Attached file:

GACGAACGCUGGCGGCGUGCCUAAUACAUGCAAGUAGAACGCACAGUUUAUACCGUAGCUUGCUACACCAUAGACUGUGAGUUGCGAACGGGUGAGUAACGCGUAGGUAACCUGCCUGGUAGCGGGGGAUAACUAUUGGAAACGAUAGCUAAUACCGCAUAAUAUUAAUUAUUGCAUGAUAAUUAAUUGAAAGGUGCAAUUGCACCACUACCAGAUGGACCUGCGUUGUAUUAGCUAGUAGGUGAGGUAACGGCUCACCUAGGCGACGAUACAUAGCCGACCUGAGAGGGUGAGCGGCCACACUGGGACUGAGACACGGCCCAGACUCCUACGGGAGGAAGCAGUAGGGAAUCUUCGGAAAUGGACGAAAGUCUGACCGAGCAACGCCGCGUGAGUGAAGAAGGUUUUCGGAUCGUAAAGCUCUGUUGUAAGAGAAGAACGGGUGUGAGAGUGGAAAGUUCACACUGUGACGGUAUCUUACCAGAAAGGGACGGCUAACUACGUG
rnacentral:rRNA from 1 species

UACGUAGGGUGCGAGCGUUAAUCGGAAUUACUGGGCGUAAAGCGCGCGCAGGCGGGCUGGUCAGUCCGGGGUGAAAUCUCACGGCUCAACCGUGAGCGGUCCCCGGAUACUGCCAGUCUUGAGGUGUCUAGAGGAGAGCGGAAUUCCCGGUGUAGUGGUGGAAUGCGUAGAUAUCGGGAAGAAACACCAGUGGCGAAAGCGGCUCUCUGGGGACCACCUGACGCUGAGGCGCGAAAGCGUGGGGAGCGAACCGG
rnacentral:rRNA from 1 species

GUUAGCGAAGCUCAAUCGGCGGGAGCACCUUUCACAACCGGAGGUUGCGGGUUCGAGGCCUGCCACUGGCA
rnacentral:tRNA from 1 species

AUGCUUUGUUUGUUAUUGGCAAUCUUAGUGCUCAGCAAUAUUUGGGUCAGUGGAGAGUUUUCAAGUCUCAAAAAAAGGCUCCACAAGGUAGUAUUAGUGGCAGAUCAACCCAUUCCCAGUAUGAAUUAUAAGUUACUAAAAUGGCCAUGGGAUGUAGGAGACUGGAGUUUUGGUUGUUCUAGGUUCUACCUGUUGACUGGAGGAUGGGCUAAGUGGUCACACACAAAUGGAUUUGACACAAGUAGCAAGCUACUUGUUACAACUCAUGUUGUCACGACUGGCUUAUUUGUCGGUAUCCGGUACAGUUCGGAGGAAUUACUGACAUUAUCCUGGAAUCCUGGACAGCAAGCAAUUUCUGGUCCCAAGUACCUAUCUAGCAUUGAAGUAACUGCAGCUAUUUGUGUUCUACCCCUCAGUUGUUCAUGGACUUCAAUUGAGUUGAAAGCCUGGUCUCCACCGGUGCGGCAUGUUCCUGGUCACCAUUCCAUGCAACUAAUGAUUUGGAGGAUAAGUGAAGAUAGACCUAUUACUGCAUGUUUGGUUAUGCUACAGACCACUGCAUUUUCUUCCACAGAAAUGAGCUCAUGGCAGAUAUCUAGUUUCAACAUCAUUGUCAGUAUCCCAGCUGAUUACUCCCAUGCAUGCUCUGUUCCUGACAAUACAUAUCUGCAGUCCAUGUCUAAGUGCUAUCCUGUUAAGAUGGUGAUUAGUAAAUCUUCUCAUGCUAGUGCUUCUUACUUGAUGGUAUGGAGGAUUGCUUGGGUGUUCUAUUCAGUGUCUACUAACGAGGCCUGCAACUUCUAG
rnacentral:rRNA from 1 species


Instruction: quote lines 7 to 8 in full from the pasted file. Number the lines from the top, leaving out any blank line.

AUGCUUUGUUUGUUAUUGGCAAUCUUAGUGCUCAGCAAUAUUUGGGUCAGUGGAGAGUUUUCAAGUCUCAAAAAAAGGCUCCACAAGGUAGUAUUAGUGGCAGAUCAACCCAUUCCCAGUAUGAAUUAUAAGUUACUAAAAUGGCCAUGGGAUGUAGGAGACUGGAGUUUUGGUUGUUCUAGGUUCUACCUGUUGACUGGAGGAUGGGCUAAGUGGUCACACACAAAUGGAUUUGACACAAGUAGCAAGCUACUUGUUACAACUCAUGUUGUCACGACUGGCUUAUUUGUCGGUAUCCGGUACAGUUCGGAGGAAUUACUGACAUUAUCCUGGAAUCCUGGACAGCAAGCAAUUUCUGGUCCCAAGUACCUAUCUAGCAUUGAAGUAACUGCAGCUAUUUGUGUUCUACCCCUCAGUUGUUCAUGGACUUCAAUUGAGUUGAAAGCCUGGUCUCCACCGGUGCGGCAUGUUCCUGGUCACCAUUCCAUGCAACUAAUGAUUUGGAGGAUAAGUGAAGAUAGACCUAUUACUGCAUGUUUGGUUAUGCUACAGACCACUGCAUUUUCUUCCACAGAAAUGAGCUCAUGGCAGAUAUCUAGUUUCAACAUCAUUGUCAGUAUCCCAGCUGAUUACUCCCAUGCAUGCUCUGUUCCUGACAAUACAUAUCUGCAGUCCAUGUCUAAGUGCUAUCCUGUUAAGAUGGUGAUUAGUAAAUCUUCUCAUGCUAGUGCUUCUUACUUGAUGGUAUGGAGGAUUGCUUGGGUGUUCUAUUCAGUGUCUACUAACGAGGCCUGCAACUUCUAG
rnacentral:rRNA from 1 species